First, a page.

Failure Resume? No. Cover Letter? No…More Like Confessional.

Infographics for Entrepreneurs
All of the above.

I don’t know if anyone has noticed but I went down from posting 3 times a week two months ago to 2 times a week. It’s not a big change, I never felt like I needed to explain my reasoning. After a year of healing, I wanted to shift my focus to improving what made me think hiding out in the blogging world was a good idea in the first place (and yes, it was a very good idea!)


I got fair grades (not that grades matter!) I graduated university early and my GPA was a 3.7. I know it’s rare for a 21-year-old to find overnight, meteoric success online and pretty much unheard of if you came from the poor side of the tracks like I did but…but…but I really thought I hit *something* by 26.

OK, don’t laugh. I was young and dumb. I expected some success by 25. I really thought I would be rich by now (and I don’t mean rich in life or rich off my husband.)

Apparently the highest percentage of where people find entrepreneurial success is in their 40s. If I’m 26 now so then I have 15 years to a lifetime or so of complete, utter failures ahead of me.

Wunderbar. -_-


I have had a lot of startup failures…actually only failures in my mind.

And that’s not an exaggeration. I think my husband is afraid of me for my constant tries that cost $$ and never works out. Both of our stress levels shoot through the roof all the while during which it becomes detrimental to his overall work performance.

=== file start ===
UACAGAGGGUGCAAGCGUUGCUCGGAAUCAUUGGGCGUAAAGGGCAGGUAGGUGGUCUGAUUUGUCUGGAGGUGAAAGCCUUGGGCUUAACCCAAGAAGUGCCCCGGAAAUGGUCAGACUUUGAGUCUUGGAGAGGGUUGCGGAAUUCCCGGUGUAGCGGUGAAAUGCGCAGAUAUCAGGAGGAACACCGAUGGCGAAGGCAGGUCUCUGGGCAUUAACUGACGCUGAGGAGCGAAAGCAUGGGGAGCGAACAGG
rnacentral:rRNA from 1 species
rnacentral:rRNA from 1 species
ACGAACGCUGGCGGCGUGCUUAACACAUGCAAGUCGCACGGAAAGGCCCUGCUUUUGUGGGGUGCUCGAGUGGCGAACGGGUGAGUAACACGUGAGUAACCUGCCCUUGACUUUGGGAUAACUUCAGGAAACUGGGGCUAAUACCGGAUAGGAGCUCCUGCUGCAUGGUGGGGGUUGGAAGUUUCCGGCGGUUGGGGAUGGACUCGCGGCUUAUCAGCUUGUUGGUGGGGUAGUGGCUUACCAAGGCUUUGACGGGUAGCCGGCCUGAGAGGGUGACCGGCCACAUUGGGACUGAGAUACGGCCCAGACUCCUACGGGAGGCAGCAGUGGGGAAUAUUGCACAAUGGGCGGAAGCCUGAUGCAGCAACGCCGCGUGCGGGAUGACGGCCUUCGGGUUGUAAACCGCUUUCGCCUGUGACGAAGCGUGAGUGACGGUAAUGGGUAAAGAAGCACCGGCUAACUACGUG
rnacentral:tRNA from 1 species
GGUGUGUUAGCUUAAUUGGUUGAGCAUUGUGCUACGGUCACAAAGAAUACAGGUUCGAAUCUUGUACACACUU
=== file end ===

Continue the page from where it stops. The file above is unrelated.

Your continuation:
I also know it’s more nature rather than nurture. I didn’t receive nurture from my parents in this aspect. They were content people. But I was nursed and inspired by the two years I was dating Mr. Executive at an interesting time in my life. He told me how he quit Oogle even though working at Oogle was great and he excelled at it. He had more faith in himself and his gambles.

My husband, on the other hand, is very different…the total opposite of me…in this aspect. He is the type of person who, if given the chance and no repercussions, would spend every single day of his life playing video games and not want anything more. He’s so happy-go-lucky! His early retirement dream is to spend his days playing games and dad-ing his (someday) kids. He is more loving and emotionally “sweet” than Mr. E. I couldn’t hold a conversation with Mr. E for 5 minutes and not want to strangle the guy (which is not a good sign.)